Don Quixote said...

Great column!Thank you! Man, this needs to be discussed. I'm sorry, but on this big Christian holiday of Easter, I have to say that I believe Christianity and its perspectives are at the root of so much of the catastrophe that is western "civilization."

Cervantes said...

DQ: No thoughts on Judaism?

kathy a. said...

Daniel, great point about the importance and comfort of having a longstanding relationship with a caring doctor.

When my mother had complications after a massive stroke, a specialist said that if she didn't start eating, we would "have to put in a feeding tube." We had to be pro-active about hospice -- and thankfully we knew that was an option, because nobody offered it.

I'm part of a support group for families dealing with a particularly nasty (and frequently early-onset) form of dementia. One topic recently was "would you have your loved on treated for cancer?" Virtually everyone leaned in the quality of life direction -- these folks have a fatal disease already, many so advanced that they could not understand or cooperate with treatment. Or even diagnostic procedures, like colonoscopies or mammograms.

Don Quixote said...

Well, I don't think any other religion can hold a candle to Christianity in terms of sheer numbers of people killed in its name. Judaism as an organized religion has been co-opted at times by its radical elements, as well; I think religion is fine as long as it's personal. The problem happens when it gets real big and radical factions use it for ulterior reasons. Take the Crusades, for instance. As far as killing on the part of the Jews, I assume you're speaking of present-day Palestine and of the stories in the Bible--but you don't believe those, do you, Cervantes?

kathy a. said...

Dudes, 100 year anniversary of the Armenian Genocide. 1.5 million killed. (Armenians have their own Christian church, and the Ottomans didn't like it.) Which is straying from the point of this post, but since it wandered into killin' for religious or other reasons. and since this is part of my kids' heritage....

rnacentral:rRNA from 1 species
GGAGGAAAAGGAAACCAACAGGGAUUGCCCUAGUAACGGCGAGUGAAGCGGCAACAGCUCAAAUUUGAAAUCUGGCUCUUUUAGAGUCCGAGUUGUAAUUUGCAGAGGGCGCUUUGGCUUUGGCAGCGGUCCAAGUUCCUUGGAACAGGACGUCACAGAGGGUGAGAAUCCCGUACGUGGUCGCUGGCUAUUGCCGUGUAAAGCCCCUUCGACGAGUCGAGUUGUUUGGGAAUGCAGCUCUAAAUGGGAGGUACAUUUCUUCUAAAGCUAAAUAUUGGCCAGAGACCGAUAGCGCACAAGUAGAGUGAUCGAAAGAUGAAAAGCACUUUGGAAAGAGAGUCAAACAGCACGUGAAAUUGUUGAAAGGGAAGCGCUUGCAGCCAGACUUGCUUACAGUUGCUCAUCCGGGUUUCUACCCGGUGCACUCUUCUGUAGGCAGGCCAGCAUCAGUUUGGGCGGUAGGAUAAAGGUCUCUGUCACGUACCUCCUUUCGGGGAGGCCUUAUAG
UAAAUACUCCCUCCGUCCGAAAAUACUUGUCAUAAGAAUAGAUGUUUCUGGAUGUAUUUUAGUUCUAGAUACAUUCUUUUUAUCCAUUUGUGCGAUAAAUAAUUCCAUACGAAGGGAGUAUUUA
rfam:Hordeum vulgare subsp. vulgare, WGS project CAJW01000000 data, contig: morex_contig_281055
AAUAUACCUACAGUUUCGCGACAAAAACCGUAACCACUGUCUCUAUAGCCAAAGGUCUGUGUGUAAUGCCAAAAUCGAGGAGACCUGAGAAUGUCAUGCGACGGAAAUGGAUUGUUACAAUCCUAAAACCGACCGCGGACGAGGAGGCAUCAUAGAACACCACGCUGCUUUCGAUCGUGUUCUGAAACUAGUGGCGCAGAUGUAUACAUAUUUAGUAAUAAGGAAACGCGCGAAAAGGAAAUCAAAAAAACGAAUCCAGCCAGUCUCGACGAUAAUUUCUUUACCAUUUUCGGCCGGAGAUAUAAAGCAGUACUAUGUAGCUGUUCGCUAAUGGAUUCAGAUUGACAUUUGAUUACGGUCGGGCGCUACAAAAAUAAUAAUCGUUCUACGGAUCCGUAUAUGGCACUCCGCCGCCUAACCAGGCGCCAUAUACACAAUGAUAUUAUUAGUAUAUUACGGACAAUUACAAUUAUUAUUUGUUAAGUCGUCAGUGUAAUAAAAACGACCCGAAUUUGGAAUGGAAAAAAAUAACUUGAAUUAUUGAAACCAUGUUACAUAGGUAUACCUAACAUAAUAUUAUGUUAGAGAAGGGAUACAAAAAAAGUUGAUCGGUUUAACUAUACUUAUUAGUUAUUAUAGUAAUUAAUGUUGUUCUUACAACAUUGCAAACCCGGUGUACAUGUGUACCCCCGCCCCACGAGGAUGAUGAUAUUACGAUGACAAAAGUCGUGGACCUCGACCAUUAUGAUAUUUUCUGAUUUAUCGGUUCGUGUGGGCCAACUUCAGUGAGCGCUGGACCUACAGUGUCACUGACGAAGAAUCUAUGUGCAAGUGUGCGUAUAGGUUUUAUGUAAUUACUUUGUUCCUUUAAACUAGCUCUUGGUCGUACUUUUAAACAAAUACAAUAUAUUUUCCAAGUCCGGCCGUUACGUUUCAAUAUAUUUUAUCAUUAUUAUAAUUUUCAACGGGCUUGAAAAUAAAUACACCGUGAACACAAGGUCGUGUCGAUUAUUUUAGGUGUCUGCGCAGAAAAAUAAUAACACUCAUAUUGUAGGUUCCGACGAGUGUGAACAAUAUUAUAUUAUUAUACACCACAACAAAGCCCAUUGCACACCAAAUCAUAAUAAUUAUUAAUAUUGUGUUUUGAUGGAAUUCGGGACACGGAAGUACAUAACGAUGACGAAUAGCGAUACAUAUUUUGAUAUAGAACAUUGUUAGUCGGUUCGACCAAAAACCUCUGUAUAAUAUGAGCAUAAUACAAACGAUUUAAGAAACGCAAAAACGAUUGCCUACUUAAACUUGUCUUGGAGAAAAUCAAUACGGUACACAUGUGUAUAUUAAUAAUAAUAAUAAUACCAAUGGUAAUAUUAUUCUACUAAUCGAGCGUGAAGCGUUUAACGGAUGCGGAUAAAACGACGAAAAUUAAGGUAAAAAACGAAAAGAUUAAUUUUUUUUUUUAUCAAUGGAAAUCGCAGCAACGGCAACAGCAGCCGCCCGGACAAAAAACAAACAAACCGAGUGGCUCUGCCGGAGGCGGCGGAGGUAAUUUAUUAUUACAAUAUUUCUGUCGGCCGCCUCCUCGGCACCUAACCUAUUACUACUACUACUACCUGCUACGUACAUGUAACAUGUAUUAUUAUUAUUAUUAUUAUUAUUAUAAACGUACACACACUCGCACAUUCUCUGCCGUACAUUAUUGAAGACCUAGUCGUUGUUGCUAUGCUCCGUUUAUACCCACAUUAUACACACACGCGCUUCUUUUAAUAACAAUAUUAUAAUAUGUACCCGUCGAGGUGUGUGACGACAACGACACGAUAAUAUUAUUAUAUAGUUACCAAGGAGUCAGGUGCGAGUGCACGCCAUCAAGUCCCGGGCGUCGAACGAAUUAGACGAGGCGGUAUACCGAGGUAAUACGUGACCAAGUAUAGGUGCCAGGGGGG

Back on point, I really like hospice and palliative care when nature (not religious wars) (or executions, if we are going to talk about killin' on purpose) is pushing someone toward an end state.

Cervantes said...

Well DQ, I'm sure the Hebrews were involved in various wars and conquests, but no, I don't think the Bible stories are necessarily true and I don't presume they were more bloodthirsty than the next tribe.

As for modern Judaism, I think a faction of it took a wrong term in reaction to the holocaust. But that's much more about tribal identity than it is about religion.

Don Quixote said...

Right. Sorry . . . on point again, it seems palliative and hospice care--as well as hospital care--workers are basically forced to do what should be legal, but is not. It makes little sense for people in terrible physical and/or mental shape to go on and on . . . but doctors and nurses and other workers assisting people in end-of-life situations end up administering morphine, etc., as necessary to end suffering. It's kind of like a lot of other things in this country--prostitution and marijuana use, for example--they may be "illegal" but people are using them all the time. The same with end-of-life decisions. It seems we are a deeply hypocritical society.